Artificial Intelligence has started a war against humans. Initially the machines are infected with a virus that in essence turns them against all things two-legged and breathing.
Humans become the targets of extermination and slavery. The machines are trying to annihilate the pockets of rebellion, which exist all over the globe, but are isolated due to the nature of the threat.
The machines can pick up any signal or message sent via any type of equipment. All humans have become sitting ducks and face the threat of extinction.
Rhona or rather the new and improved version of Rhona finds herself torn between her friend Samuel and her old lover Camus. Not all of her memories, and the emotions attached to them, have been restored after her rebirth.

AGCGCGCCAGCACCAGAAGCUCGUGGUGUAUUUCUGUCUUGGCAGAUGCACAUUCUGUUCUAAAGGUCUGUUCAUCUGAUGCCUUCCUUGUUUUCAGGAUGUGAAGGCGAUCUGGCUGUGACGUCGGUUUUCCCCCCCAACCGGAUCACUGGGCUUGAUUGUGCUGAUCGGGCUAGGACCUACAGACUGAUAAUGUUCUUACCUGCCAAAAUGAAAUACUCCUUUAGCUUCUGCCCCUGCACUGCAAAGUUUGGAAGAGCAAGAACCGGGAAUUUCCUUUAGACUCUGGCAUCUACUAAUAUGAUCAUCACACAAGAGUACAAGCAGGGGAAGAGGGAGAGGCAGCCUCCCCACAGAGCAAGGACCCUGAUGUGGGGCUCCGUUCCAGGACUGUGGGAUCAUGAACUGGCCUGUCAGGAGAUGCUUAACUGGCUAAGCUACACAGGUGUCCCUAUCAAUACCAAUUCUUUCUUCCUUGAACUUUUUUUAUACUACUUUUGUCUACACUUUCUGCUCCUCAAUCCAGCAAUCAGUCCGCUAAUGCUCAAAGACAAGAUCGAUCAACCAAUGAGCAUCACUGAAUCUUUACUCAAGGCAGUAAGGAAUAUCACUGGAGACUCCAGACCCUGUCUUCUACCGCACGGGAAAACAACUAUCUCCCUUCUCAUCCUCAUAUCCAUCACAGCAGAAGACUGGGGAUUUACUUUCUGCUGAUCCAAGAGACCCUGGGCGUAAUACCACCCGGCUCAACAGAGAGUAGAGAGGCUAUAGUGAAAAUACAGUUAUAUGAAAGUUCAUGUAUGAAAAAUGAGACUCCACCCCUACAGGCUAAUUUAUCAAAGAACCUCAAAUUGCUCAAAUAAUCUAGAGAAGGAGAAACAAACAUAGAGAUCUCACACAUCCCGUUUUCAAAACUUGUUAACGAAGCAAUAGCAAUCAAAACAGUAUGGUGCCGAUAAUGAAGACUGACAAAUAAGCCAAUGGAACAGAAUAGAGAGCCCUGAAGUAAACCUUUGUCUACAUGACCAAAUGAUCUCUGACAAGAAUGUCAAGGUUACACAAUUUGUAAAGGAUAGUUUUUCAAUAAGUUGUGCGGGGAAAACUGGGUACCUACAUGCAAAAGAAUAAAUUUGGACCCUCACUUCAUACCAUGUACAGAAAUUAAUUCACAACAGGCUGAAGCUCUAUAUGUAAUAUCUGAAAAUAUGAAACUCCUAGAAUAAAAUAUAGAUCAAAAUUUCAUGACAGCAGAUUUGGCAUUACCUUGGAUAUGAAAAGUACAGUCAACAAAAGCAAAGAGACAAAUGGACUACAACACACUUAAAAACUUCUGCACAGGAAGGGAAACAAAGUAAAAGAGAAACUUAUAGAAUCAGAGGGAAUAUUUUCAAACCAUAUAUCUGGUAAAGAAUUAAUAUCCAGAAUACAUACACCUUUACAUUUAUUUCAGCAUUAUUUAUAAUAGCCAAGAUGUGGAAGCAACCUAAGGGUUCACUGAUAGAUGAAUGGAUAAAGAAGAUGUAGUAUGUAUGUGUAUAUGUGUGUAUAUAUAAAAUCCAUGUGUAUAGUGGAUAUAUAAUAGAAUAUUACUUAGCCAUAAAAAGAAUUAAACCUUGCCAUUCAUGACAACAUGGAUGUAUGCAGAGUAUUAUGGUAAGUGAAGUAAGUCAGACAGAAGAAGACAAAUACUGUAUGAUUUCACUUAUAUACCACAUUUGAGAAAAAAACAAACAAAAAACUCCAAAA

On top of that she isn’t considered trustworthy by the upper echelon. and yet the underlings still consider her to be in charge. Talk about mixed messages. Nobody quite knows where she fits in, including Rhona.
Machinations is a fast-paced story with plenty of room for development. It is certainly the type of read I tend to enjoy.
What Stone really needs to do is pick a genre and stick with it. Not that you can’t mix, but this has a great post-apocalyptic premise, which is weakened slightly by the strong romantic vein flowing through it.
If you’re writing sci-fi, dystopian, fantasy or post-apocalyptic stories you have to be bold and ruthless enough to do without the en vogue popular formula you think will draw in readers from other genres. It is absolutely doable. Not that you can’t have a love interest or romance, you just shouldn’t let it overpower the premise or main genre you’re going for.
Saying all that, I did enjoy the premise and the read. I also look forward to seeing where Stone takes the story in the sequel, Counterpart.